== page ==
At present, one of the most prominent and controversial points of discussion in the Supreme Court of India is the Adultery Law in India under the Section 497 of the Indian Penal Code. According to the Section 497 of the IPC, if a man has sexual intercourse with a married woman without the consent of her husband, such an act would not amount to rape but adultery. This implies that if a man has intercourse with a married woman without the consent of her husband, then he is guilty of adultery.
The Supreme Court of India had started hearing pleas challenging the adultery law in India on August 2, 2018. The bench comprising Justices RF Nariman, AM Khanwilkar, DY Chandrachud, and Indu Malhotra was headed by the Chief Justice of India Dipak Misra.
While there are no changes in the law as of now, we are about to tell you some aspects and updates on the law that everyone must know. As per the Center, the Section 497 of the IPC needs to be protected because it preserves the sanctity of marriages. However, according to Justice DY Chandrachud, the holiness of a marriage is lost even when a married man makes a sexual relationship with an unmarried woman but that has not been described as a crime in law. He went on to add that as per the law, it is considered as a crime only when a man has relations with a married woman and the husband of that woman makes a complaint.
This also implies that if a woman has an extramarital relationship, which includes physical relationship, with the consent or connivance of her husband, then it is not a crime. Surprised over how such a provision got a place in the Indian Penal Code, the bench questioned,
“It is absurd to treat a woman as a chattel. Adultery law reduces women into a chattel. There is no crime if a woman has an extramarital relationship with the consent or connivance of her husband. Are women the chattels of their husbands?”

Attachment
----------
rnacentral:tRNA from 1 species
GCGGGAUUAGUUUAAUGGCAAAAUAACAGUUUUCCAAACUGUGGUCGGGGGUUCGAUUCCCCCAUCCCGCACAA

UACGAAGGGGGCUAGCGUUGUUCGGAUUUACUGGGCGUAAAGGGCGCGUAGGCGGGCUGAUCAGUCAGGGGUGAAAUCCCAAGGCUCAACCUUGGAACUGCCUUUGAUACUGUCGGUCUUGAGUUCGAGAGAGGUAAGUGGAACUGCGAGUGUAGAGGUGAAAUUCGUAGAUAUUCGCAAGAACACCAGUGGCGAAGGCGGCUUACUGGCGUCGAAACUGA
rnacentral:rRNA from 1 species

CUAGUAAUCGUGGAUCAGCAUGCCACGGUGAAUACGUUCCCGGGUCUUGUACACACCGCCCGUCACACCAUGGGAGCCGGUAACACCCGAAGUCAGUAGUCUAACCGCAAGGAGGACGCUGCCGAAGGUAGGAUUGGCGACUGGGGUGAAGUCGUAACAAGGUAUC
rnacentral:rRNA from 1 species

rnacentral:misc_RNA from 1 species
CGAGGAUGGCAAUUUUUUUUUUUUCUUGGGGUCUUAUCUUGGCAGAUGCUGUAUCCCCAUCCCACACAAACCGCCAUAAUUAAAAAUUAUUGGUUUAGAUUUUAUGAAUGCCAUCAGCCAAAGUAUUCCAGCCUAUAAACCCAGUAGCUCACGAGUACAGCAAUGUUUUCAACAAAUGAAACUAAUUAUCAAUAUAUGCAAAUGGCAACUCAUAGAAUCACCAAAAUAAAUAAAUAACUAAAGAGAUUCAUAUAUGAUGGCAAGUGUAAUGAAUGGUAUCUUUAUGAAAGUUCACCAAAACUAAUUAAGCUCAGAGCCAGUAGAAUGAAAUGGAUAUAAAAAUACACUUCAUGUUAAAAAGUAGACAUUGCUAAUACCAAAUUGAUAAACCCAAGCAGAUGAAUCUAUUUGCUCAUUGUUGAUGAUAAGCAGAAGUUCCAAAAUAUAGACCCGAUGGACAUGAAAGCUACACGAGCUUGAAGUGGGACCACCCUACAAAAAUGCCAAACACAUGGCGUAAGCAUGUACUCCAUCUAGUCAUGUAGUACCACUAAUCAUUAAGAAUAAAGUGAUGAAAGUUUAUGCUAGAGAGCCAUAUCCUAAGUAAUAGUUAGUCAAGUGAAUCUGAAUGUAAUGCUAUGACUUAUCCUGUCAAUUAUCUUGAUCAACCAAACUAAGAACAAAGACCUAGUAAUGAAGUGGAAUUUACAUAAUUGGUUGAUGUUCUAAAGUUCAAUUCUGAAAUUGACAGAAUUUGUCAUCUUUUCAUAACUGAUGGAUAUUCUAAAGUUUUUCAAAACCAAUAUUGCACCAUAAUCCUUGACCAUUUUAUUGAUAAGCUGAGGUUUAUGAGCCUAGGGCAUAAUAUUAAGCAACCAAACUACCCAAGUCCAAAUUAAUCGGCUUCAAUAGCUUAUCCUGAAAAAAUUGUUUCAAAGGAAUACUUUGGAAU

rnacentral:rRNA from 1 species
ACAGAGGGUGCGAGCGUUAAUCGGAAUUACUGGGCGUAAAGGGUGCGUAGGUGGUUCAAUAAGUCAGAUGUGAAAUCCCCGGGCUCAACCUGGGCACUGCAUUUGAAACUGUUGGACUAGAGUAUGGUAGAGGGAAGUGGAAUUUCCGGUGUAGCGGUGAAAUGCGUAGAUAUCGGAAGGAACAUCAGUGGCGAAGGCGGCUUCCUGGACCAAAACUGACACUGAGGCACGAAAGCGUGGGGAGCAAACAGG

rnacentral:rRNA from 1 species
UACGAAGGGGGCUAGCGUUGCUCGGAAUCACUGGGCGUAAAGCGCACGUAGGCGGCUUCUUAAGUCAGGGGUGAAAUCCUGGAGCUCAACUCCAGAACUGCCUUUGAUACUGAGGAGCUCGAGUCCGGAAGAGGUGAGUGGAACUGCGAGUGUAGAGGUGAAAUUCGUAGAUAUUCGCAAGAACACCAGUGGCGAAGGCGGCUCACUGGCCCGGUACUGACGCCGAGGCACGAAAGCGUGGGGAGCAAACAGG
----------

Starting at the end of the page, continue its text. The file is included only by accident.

According to Justice Indu Malhotra, this part of Section 497 of the adultery law in India is “absurd”. In fact, the bench termed this section as manifestly arbitrary which is not based on reason but on personal will.
Section 497 regarding the adultery law in India also clearly indicates that adultery is an offence only for a man who gets into a relationship with someone else’s wife. However, the wife who indulges in adultery is neither considered adulterous nor a criminal and the man gets to face the punishment in terms of jail or fine or both!
Another unfair aspect of the law is that only the husband of the woman who indulges in extra-marital relations is allowed to file a criminal case. The wife of the man who has indulged in adultery cannot complain.
Following all the absurdities that come along with the adultery law in India, many pleas to make it a gender-neutral crime have been filed. However, the bench observed:
“But now the issue is why adultery should be a crime at all. If adultery gets scrapped as a crime for violating Article 14, then no one, neither the man nor the woman, will be punished. Adultery can be ground for divorce and other civil consequences.”
After knowing all the above aspects of the adultery law in India, do you think it is a gender-biased rule?